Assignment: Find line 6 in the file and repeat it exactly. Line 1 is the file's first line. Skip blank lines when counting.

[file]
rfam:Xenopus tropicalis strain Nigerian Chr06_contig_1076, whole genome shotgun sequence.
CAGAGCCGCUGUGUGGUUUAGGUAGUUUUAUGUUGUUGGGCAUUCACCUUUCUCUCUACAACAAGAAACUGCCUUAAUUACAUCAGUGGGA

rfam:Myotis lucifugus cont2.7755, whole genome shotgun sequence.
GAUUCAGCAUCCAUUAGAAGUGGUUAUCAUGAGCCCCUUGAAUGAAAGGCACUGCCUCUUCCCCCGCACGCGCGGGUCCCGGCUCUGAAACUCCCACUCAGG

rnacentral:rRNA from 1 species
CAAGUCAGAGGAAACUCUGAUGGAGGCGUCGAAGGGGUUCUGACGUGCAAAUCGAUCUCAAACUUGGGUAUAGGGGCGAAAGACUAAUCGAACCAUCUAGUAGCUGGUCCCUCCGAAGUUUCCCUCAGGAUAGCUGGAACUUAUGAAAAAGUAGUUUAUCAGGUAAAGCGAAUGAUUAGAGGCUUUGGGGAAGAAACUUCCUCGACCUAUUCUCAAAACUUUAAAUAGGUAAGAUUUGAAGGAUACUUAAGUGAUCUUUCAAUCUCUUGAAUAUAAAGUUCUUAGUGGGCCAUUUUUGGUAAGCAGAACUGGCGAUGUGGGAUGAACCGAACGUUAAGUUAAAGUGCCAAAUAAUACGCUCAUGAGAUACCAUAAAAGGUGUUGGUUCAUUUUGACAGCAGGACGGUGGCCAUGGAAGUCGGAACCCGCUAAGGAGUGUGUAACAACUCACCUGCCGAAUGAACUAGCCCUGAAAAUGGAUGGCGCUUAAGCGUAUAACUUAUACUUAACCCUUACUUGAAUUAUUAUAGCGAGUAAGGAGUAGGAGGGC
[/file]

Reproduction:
CAAGUCAGAGGAAACUCUGAUGGAGGCGUCGAAGGGGUUCUGACGUGCAAAUCGAUCUCAAACUUGGGUAUAGGGGCGAAAGACUAAUCGAACCAUCUAGUAGCUGGUCCCUCCGAAGUUUCCCUCAGGAUAGCUGGAACUUAUGAAAAAGUAGUUUAUCAGGUAAAGCGAAUGAUUAGAGGCUUUGGGGAAGAAACUUCCUCGACCUAUUCUCAAAACUUUAAAUAGGUAAGAUUUGAAGGAUACUUAAGUGAUCUUUCAAUCUCUUGAAUAUAAAGUUCUUAGUGGGCCAUUUUUGGUAAGCAGAACUGGCGAUGUGGGAUGAACCGAACGUUAAGUUAAAGUGCCAAAUAAUACGCUCAUGAGAUACCAUAAAAGGUGUUGGUUCAUUUUGACAGCAGGACGGUGGCCAUGGAAGUCGGAACCCGCUAAGGAGUGUGUAACAACUCACCUGCCGAAUGAACUAGCCCUGAAAAUGGAUGGCGCUUAAGCGUAUAACUUAUACUUAACCCUUACUUGAAUUAUUAUAGCGAGUAAGGAGUAGGAGGGC